Planting trees in the Negev is not ‘reforestation’, it’s about ethnic cleansing – Middle East Monitor
After massive protests from Arab residents and threats from Arab parliamentarians, the Israeli occupation government decided on Wednesday to suspend the major Jewish National Fund (JNF) tree planting project in the Negev. The JNF is a quasi-governmental body that oversees thirteen percent of the land in Israel for the exclusive use of Jews. She started her planting project on Sunday; Worth 150 million NIS ($ 48 million), it is intended to reforest large tracts of land in the Negev under the supervision of the Israel Land Authority.
The Israeli government claims that this is state-owned land even though it includes many Arab villages, which the government has never recognized and therefore remain disconnected from public services such as water and sewer networks, the electricity network and access to telecommunications. However, left-wing Israelis claim this is land at the heart of a dispute between the government and local Arab residents. Local Palestinians know that this is their land on which they have lived for centuries.
Planting trees and turning the desert into green space and farmland is something good that everyone should be happy about. So why are the local Palestinian Arabs against it?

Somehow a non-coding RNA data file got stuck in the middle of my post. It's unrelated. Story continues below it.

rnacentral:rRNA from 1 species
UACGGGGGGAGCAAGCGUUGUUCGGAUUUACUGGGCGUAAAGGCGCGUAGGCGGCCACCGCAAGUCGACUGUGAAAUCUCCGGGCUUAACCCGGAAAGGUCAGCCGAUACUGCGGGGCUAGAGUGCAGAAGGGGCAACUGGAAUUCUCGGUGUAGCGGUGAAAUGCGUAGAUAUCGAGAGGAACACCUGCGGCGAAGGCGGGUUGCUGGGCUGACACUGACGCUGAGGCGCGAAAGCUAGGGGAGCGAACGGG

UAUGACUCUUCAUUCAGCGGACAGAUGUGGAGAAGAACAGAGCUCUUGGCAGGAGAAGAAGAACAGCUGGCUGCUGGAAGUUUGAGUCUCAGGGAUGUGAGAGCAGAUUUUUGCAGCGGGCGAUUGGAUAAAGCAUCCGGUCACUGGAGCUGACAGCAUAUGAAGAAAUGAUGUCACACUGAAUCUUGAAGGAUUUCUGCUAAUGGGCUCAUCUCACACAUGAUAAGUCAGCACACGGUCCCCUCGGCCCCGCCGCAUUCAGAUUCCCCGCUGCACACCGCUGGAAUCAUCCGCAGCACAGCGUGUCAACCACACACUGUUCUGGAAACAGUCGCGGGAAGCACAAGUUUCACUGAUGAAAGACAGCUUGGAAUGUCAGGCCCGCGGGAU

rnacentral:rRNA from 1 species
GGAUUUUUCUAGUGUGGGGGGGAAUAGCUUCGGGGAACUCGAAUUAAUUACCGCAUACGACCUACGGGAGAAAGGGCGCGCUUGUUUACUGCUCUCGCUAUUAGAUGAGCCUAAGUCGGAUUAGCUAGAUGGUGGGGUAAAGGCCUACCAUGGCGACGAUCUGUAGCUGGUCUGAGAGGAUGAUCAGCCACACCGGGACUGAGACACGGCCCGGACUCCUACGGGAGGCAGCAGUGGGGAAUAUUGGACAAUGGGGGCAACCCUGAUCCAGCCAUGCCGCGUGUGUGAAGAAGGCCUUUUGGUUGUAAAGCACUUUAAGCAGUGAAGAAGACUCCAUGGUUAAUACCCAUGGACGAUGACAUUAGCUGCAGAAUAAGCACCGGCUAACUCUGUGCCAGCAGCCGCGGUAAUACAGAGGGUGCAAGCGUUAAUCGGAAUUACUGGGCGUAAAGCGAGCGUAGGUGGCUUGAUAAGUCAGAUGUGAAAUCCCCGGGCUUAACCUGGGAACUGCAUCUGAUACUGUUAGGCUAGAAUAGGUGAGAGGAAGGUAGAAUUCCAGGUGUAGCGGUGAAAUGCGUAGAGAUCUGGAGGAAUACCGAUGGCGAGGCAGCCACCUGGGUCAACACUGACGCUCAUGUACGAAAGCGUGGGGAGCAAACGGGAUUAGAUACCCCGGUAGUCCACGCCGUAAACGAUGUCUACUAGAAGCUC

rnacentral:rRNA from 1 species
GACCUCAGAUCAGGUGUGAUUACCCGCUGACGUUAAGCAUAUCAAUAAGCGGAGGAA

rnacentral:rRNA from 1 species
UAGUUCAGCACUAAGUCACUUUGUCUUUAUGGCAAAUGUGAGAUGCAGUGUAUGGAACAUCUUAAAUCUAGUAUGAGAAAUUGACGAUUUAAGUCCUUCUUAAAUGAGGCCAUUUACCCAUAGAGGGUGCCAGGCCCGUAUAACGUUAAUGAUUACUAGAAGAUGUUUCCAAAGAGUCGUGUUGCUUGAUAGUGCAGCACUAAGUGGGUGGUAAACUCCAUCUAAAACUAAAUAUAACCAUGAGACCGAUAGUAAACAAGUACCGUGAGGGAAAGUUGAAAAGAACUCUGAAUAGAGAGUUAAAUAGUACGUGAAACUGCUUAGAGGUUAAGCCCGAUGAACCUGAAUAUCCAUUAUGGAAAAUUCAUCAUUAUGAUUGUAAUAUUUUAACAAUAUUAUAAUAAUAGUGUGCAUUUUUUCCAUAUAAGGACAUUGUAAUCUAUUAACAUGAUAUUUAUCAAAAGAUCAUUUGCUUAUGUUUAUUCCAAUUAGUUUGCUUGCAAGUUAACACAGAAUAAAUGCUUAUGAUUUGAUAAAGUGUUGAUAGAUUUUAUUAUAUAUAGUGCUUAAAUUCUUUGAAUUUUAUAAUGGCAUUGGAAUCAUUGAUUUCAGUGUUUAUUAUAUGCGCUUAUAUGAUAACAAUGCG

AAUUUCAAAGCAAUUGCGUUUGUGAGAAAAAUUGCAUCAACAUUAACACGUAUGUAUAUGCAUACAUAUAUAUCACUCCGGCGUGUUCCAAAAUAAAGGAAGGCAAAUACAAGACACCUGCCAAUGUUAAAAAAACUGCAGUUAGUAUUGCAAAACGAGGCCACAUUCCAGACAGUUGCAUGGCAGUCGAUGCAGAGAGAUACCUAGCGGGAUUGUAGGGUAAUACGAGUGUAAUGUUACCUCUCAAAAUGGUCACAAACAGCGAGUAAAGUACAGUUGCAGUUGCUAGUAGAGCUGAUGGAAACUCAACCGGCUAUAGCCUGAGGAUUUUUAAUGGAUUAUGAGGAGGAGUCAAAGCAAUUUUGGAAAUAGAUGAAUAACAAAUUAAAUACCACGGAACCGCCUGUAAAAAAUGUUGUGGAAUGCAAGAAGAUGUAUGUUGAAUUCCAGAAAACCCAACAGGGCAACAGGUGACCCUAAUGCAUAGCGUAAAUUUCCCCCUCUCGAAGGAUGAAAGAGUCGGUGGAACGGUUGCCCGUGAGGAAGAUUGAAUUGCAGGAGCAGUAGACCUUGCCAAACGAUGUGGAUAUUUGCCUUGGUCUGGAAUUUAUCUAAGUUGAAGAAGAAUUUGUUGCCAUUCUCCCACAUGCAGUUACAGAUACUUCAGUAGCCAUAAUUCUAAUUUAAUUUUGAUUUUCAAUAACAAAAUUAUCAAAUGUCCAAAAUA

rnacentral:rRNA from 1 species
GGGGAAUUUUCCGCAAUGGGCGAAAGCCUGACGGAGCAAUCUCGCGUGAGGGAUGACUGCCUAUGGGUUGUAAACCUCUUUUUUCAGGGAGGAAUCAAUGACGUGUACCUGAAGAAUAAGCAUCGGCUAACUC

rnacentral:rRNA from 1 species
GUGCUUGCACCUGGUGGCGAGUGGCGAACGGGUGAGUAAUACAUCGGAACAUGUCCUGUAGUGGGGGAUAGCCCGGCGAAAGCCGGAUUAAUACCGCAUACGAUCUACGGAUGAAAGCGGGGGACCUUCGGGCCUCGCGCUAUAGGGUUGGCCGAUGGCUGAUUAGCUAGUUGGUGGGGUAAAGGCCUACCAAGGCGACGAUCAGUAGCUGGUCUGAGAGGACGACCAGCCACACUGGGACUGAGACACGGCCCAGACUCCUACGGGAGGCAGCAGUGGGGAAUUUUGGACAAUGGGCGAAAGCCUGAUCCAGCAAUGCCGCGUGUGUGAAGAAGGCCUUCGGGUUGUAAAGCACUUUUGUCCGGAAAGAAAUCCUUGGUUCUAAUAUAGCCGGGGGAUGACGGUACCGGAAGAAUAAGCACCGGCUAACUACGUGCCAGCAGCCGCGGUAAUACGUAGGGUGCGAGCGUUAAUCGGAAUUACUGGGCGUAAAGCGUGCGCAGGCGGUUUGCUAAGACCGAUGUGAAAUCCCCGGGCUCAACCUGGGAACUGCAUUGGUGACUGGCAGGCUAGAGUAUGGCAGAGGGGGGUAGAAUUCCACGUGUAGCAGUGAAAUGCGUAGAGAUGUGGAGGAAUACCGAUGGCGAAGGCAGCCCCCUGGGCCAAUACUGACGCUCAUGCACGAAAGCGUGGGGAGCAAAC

From the 1940s, the Zionists occupied Palestine and expelled the local population in large numbers, replacing them with Jewish immigrants who assumed “ownership” of Palestinian land and homes. Some Palestinians resisted violent ethnic cleansing; some have moved to neighboring areas; some fled to areas that had not been occupied in 1948; and some have fled the country altogether.
READ: Palestine accuses Israel of committing crimes in the Negev
Since then, the occupying state has treated Jewish immigrants as true citizens, while the original inhabitants who have managed to stay in their homes on the lands occupied since 1948 are “unrecognized” residents or, at the same time, better, second-class citizens. They are called Arab Israelis.
At that time, the JNF was carrying out reforestation projects over large areas of the occupied territory, including the ruins of abandoned Palestinian villages, in order to change the facts on the ground and turn Palestine into Israel. My neighbor Mustafa Abul Qumsan, 86, was expelled from his village in 1948 when he was 12 years old. “Years after the occupation,” he told me, “I went to visit my village. I did not find our houses. I found a forest.
Palestinian Arab residents of Israel know from experience that reforestation projects are used to cover up evidence of ethnic cleansing of local Palestinians. Regardless of the economic or environmental reasons for reforestation in the Negev, the main objective is therefore to strengthen Israel’s grip on the occupied land before the potential expansion of the local Palestinian Arab population in the region.
Israel has tried since 1948 to expel the local population from areas of occupied Palestine, especially the Negev. In some areas, they are forcibly abducting them or demolishing their homes. The “unrecognized” village of Al Araqib, for example, has been demolished by the Israelis more than 150 times since 2011, and rebuilt each time by its residents.